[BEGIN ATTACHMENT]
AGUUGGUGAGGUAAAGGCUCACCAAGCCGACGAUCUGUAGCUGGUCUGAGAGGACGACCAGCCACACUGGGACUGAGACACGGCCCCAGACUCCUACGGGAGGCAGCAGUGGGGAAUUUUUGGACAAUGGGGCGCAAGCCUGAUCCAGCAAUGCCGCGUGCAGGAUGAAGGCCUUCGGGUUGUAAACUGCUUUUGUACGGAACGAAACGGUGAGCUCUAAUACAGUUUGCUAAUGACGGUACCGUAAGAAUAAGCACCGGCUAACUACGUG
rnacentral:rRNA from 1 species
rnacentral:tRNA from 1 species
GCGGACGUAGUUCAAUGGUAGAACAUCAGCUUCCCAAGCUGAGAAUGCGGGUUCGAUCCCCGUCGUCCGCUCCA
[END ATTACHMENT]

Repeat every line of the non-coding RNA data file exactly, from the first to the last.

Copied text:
AGUUGGUGAGGUAAAGGCUCACCAAGCCGACGAUCUGUAGCUGGUCUGAGAGGACGACCAGCCACACUGGGACUGAGACACGGCCCCAGACUCCUACGGGAGGCAGCAGUGGGGAAUUUUUGGACAAUGGGGCGCAAGCCUGAUCCAGCAAUGCCGCGUGCAGGAUGAAGGCCUUCGGGUUGUAAACUGCUUUUGUACGGAACGAAACGGUGAGCUCUAAUACAGUUUGCUAAUGACGGUACCGUAAGAAUAAGCACCGGCUAACUACGUG
rnacentral:rRNA from 1 species
rnacentral:tRNA from 1 species
GCGGACGUAGUUCAAUGGUAGAACAUCAGCUUCCCAAGCUGAGAAUGCGGGUUCGAUCCCCGUCGUCCGCUCCA